Friday, 24 June 2011

Sports Day

This blog is dedicated to Lawrie, a true gentle gentleman, who quietly slipped away from this world in to the next without warning in his sleep two days ago. Our thoughts and prayers are with Nancy at this unexpected turn of events, at a time when they were finalising plans to travel the world after retiring from their careers later this year.

With my children now being in seperate schools, I have wondered whether we would suffer the consequences of diary clashes especially with respect to the all important end of year Sports Day. This, to me, is the most important day in the school calendar. Being in possession of absolutely no sporting prowess what so ever, my parents showed little interest in this important day when I was growing up, being confident that I would always come last – and did! My sister, being at a different school to me, showed talent from an early age as a middle distance runner, but as a result also had to suffer the ignominy of my father standing on the sidelines bellowing at the top of his voice for her to “Get a Move on” and other such phrases! To my knowledge, she never ever failed to deliver and I know my parents were very proud of her achievements.

So on to 2011. Antonia's sports day took place yesterday having been postponed from last week due to inclement weather, Elise's is today. To say that Antonia absolutely loves Sports Day is an understatement. In her mind, it is not the winning that is important to her, it is the taking part. Her favourites seem to be the running race, and the all important team relay at the end. True to form, she delivered and performed as expected. On taking up the baton in the relay, with the largest smile she could muster and her face and eyes shining with the excitement of it all, she set off down the field at a fair pace. OK, so she wasn't running very fast, and I have no doubt that she wasn't achieving her true potential – but to her it wasn't important. In her eyes she was the winner and I wouldn't have been at all surprised if she had given high 5's all the way along with the cheering crowd.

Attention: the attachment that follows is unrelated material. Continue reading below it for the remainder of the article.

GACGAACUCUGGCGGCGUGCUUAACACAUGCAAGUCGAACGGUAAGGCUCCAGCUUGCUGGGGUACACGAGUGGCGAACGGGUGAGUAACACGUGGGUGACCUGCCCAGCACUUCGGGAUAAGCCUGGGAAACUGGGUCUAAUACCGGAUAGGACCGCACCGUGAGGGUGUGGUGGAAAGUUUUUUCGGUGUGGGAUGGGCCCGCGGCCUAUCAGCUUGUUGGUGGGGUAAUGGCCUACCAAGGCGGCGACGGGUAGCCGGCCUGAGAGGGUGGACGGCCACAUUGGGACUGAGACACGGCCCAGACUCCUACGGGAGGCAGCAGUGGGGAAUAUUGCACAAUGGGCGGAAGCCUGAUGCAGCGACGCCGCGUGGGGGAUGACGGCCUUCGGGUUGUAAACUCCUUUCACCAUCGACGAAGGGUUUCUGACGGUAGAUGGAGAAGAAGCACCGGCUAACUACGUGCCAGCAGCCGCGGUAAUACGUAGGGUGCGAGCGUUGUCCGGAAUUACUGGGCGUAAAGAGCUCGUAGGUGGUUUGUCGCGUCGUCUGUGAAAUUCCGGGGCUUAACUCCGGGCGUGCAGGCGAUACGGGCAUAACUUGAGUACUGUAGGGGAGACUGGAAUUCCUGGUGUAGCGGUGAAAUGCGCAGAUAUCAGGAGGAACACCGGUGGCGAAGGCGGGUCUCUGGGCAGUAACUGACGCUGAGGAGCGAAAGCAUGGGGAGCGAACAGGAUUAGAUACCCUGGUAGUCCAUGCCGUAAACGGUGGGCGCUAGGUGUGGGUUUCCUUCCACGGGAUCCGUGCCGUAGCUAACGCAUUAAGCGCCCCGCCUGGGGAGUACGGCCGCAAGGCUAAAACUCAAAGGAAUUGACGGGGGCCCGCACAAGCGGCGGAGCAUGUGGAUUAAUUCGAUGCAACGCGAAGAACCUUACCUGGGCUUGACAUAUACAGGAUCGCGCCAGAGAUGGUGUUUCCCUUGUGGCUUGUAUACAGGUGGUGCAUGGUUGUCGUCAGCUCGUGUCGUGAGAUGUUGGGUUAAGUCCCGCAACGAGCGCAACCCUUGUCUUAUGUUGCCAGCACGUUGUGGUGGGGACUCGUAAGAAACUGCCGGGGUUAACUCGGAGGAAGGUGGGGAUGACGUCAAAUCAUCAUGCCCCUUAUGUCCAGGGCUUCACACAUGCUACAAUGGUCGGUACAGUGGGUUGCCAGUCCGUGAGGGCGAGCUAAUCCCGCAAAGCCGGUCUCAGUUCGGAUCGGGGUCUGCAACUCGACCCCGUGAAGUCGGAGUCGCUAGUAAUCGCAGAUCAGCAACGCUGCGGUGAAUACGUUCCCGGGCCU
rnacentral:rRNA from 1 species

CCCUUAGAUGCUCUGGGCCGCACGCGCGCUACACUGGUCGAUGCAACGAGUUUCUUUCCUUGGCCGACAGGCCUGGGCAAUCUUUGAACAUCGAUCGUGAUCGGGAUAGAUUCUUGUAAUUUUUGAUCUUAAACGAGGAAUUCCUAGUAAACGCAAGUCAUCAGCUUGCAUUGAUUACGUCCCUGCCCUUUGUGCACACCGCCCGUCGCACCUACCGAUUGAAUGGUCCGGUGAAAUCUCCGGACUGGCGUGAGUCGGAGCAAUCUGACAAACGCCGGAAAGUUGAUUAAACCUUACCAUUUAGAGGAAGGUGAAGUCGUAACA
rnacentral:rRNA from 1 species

Elise, on the other hand, has inherited my sister's physique and talent for sports, and today will be her last Sports Day at Primary School. Elise has always done well on Sports Day – she is not only a strong contender, she also encourages others in her team to do as well, if not better. She is quite frankly sports mad, and I wouldn't be surprised if in time she inherits my sisters childhood nickname of “Muscles”. The past week or two has seen a lot of sporting activites in Elise's diary, including taking part in her very first mini-marathon last weekend. In spite of being given a training plan by her teacher, Elise's preparation for this event was minimal, but I needn't have worried – she came 4th in a field of about 30 girls.

Having woken up early and checked the forecast, it looks the same as yesterday - the risk of some heavy showers. However, there is an additional snag in the plans. Elise, having been to gymnastics training last night, managed to pull a muscle in her back, and in spite of sleeping well she is still in pain this morning. Although she puts on a brave face, we know that she is worried and upset about the possibility that she may not be able to run later today. Being single minded though, Elise later decided that she would run and took part in her two favourite events – the middle distance race and the sprint. The sprint saw her come in well ahead of her opponents, whilst she timed her race beautifully in the middle distance event, just about pipping one of her closest friends to first place. The comradeship and sporting behaviour was good to see as both girls immediately shook hands and congratulated each other on the close finish and I am so proud of them both. 

As for the weather, it was the same pretty much on both days - overcast but dry, with the showers holding off until the events had finished. And as for me and Tim, we would have not have had the last two days any different – in our eyes our children are both winners and we are proud of them.

Tuesday, 21 June 2011

The end of an Era

The start of this week brought Tim and I the sad news that someone who made a tremendous difference to our lives 25 years ago, when we first married, had passed away unexpectedly, leaving behind his wife, son and grandchildren. The person to whom I refer is Professor Tony.